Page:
Get 20M+ Full-Text Papers For Less Than $1.50/day. Start a 14-Day Trial for You or Your Team.

Learn More →

Structural linear relationships between job stress, burnout, physiological stress, and performance of construction project managers

Structural linear relationships between job stress, burnout, physiological stress, and... Purpose – Construction is a competitive, ever‐changing, and challenging industry. Therefore, it is not surprising that the majority of construction professionals suffer from stress, especially construction project managers (C‐PMs), who are often driven by the time pressures, uncertainties, crisis‐ridden environment, and dynamic social structures that are intrinsic to every construction project. Extensive literature has indicated that stress can be categorized into: job stress, burnout, and physiological stress. This study aims to investigate the impact of stress on the performance of C‐PMs. Design/methodology/approach – To investigate the relationships between stress and performance among C‐PMs, a questionnaire was designed based on the extensive literature, and was sent to 500 C‐PMs who had amassed at least five years' direct working experience in the construction industry. A total of 108 completed questionnaires were returned, representing a response rate of 21.6 percent. Based on the data collected, an integrated structural equation model of the stresses and performances of C‐PMs was developed using Lisrel 8.0. Findings – The results of structural equation modelling reveal the following: job stress is the antecedent of burnout, while burnout can further predict physiological stress for C‐PMs; job stress is negatively related only to their task performance; both burnout and physiological stress are negatively related to their organizational performance; and task performance leads positively to their interpersonal performance. Recommendations are given based on the findings to enhance their stress and performance levels. Originality/value – This study provides a comprehensive investigation into the impact of various types of stress on the performances of C‐PMs. The result constitutes a significant step towards the stress management of C‐PMs in the dynamic and stressful construction industry. http://www.deepdyve.com/assets/images/DeepDyve-Logo-lg.png Engineering, Construction and Architectural Management Emerald Publishing

Structural linear relationships between job stress, burnout, physiological stress, and performance of construction project managers

Loading next page...
 
/lp/emerald-publishing/structural-linear-relationships-between-job-stress-burnout-yhlBx4G00c
Publisher
Emerald Publishing
Copyright
Copyright © 2011 Emerald Group Publishing Limited. All rights reserved.
ISSN
0969-9988
DOI
10.1108/09699981111126205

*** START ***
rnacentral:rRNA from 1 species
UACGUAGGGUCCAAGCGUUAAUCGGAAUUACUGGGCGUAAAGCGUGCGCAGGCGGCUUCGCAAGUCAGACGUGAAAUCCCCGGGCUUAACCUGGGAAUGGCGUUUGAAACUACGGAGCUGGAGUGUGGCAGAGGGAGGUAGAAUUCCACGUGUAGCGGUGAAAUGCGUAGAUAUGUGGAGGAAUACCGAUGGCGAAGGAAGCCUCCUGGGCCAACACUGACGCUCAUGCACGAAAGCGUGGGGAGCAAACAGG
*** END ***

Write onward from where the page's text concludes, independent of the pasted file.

Publisher site
See Article on Publisher Site

Abstract

Purpose – Construction is a competitive, ever‐changing, and challenging industry. Therefore, it is not surprising that the majority of construction professionals suffer from stress, especially construction project managers (C‐PMs), who are often driven by the time pressures, uncertainties, crisis‐ridden environment, and dynamic social structures that are intrinsic to every construction project. Extensive literature has indicated that stress can be categorized into: job stress, burnout, and physiological stress. This study aims to investigate the impact of stress on the performance of C‐PMs. Design/methodology/approach – To investigate the relationships between stress and performance among C‐PMs, a questionnaire was designed based on the extensive literature, and was sent to 500 C‐PMs who had amassed at least five years' direct working experience in the construction industry. A total of 108 completed questionnaires were returned, representing a response rate of 21.6 percent. Based on the data collected, an integrated structural equation model of the stresses and performances of C‐PMs was developed using Lisrel 8.0. Findings – The results of structural equation modelling reveal the following: job stress is the antecedent of burnout, while burnout can further predict physiological stress for C‐PMs; job stress is negatively related only to their task performance; both burnout and physiological stress are negatively related to their organizational performance; and task performance leads positively to their interpersonal performance. Recommendations are given based on the findings to enhance their stress and performance levels. Originality/value – This study provides a comprehensive investigation into the impact of various types of stress on the performances of C‐PMs. The result constitutes a significant step towards the stress management of C‐PMs in the dynamic and stressful construction industry.

Journal

Engineering, Construction and Architectural ManagementEmerald Publishing

Published: May 3, 2011

Keywords: Construction industry; Performance management; Project management; Stress

References